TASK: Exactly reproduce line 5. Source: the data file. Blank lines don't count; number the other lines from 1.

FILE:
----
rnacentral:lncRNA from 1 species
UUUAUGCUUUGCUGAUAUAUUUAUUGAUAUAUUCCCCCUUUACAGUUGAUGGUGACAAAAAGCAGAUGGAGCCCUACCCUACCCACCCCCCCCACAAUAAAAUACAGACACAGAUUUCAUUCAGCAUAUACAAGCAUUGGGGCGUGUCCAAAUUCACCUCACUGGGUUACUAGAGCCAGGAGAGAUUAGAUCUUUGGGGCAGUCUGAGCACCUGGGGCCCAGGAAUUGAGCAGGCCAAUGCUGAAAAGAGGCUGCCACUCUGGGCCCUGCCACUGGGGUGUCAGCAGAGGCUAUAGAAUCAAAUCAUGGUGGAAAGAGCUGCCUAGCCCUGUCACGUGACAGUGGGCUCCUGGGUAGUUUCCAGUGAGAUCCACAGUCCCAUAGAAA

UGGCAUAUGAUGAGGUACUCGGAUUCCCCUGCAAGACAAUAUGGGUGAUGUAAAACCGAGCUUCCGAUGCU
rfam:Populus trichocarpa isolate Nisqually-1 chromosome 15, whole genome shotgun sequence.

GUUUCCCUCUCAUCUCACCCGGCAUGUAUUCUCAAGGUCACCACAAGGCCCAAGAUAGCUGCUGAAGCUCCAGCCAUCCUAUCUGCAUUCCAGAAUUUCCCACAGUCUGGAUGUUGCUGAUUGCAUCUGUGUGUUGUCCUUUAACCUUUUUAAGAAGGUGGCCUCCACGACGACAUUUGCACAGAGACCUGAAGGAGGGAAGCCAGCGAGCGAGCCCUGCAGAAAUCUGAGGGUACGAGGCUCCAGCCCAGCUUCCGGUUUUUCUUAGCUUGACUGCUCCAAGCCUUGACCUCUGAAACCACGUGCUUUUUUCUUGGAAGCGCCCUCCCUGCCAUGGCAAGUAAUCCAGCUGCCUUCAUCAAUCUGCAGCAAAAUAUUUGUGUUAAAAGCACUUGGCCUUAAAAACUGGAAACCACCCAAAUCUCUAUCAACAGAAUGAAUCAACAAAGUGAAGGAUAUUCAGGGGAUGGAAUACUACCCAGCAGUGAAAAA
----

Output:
GUUUCCCUCUCAUCUCACCCGGCAUGUAUUCUCAAGGUCACCACAAGGCCCAAGAUAGCUGCUGAAGCUCCAGCCAUCCUAUCUGCAUUCCAGAAUUUCCCACAGUCUGGAUGUUGCUGAUUGCAUCUGUGUGUUGUCCUUUAACCUUUUUAAGAAGGUGGCCUCCACGACGACAUUUGCACAGAGACCUGAAGGAGGGAAGCCAGCGAGCGAGCCCUGCAGAAAUCUGAGGGUACGAGGCUCCAGCCCAGCUUCCGGUUUUUCUUAGCUUGACUGCUCCAAGCCUUGACCUCUGAAACCACGUGCUUUUUUCUUGGAAGCGCCCUCCCUGCCAUGGCAAGUAAUCCAGCUGCCUUCAUCAAUCUGCAGCAAAAUAUUUGUGUUAAAAGCACUUGGCCUUAAAAACUGGAAACCACCCAAAUCUCUAUCAACAGAAUGAAUCAACAAAGUGAAGGAUAUUCAGGGGAUGGAAUACUACCCAGCAGUGAAAAA